United States District Court, M.D. Alabama, Eastern Division
RECOMMENDATION OF THE MAGISTRATE JUDGE
F. MOORER UNITED STATES MAGISTRATE JUDGE.
case is before the court on a pro se petition for
writ of habeas corpus under 28 U.S.C. § 2254 filed by
Alabama inmate McArthur Lynch, Jr. (“Lynch”) on
January 26, 2016. Doc. No. 1. Lynch challenges his 2012
conviction and resulting sentence for two counts of sexual
abuse of a child under the age of 12, attempted first-degree
sodomy, and violation of Alabama's Community Notification
Act. The respondents argue that Lynch's § 2254
petition should be dismissed on the ground it was not timely
filed under the one-year limitation period in 28 U.S.C.
§ 2244(d). Doc. No. 6 at 5-12. The court agrees with
the respondents and finds that Lynch's petition is
time-barred and should be denied without an evidentiary
BACKGROUND AND PROCEDURAL HISTORY
November 7, 2012, a Randolph County jury found Lynch guilty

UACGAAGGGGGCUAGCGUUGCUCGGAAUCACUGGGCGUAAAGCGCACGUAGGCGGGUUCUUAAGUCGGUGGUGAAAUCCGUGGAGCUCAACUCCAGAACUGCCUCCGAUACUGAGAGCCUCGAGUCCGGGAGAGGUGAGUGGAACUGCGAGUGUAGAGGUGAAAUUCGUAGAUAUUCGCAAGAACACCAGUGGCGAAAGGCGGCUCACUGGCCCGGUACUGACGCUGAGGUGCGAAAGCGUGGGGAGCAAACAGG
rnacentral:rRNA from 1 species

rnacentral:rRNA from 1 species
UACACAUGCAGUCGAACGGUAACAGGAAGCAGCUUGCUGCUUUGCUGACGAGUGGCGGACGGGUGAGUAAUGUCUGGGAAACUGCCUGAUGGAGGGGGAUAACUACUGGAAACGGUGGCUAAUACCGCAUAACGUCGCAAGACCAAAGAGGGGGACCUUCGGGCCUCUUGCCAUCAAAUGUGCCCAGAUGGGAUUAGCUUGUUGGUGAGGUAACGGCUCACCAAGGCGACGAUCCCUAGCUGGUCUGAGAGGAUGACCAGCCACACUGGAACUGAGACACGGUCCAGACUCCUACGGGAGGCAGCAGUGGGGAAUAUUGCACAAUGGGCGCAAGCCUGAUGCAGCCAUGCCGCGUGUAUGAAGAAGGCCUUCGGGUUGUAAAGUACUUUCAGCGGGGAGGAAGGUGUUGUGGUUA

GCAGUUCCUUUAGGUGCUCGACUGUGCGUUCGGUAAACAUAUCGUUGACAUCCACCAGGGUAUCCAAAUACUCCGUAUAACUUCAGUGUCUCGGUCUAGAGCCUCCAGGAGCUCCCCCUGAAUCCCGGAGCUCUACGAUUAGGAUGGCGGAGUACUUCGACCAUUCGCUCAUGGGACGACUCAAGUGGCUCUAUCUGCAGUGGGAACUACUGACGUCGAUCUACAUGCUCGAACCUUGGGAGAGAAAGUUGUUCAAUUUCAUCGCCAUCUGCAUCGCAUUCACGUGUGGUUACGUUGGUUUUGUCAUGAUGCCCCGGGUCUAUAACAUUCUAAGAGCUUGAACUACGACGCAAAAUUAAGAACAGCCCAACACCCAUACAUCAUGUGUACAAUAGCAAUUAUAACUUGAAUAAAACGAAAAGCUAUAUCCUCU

of two counts of sexual abuse of a child under the age of 12
(§ 13A-6-69.1, Ala. Code 1975), attempted first-degree
sodomy (§§ 13A-4-2 & 13A-6-63, Ala. Code 1975),
and violation of the Community Notification Act (§
15-20-23, Ala. Code 1975). On November 29, 2012, Lynch was
sentenced as a habitual felony offender to 30 years'
imprisonment for each of the sexual abuse and sodomy counts
and 15 years' imprisonment for the Notification Act
violation, all sentences to run concurrently. Doc. No. 6-1 at
3 & 9-10.
appealed, and on August 23, 2013, the Alabama Court of
Criminal Appeals affirmed his convictions and sentence by
unpublished memorandum opinion. Doc. No. 6-4. Lynch did not
apply for rehearing with the Alabama Court of Criminal
Appeals or seek certiorari review in the Alabama Supreme
Court. On September 11, 2013, the Alabama Court of Criminal
Appeals issued a certificate of judgment. Doc. No. 6-5.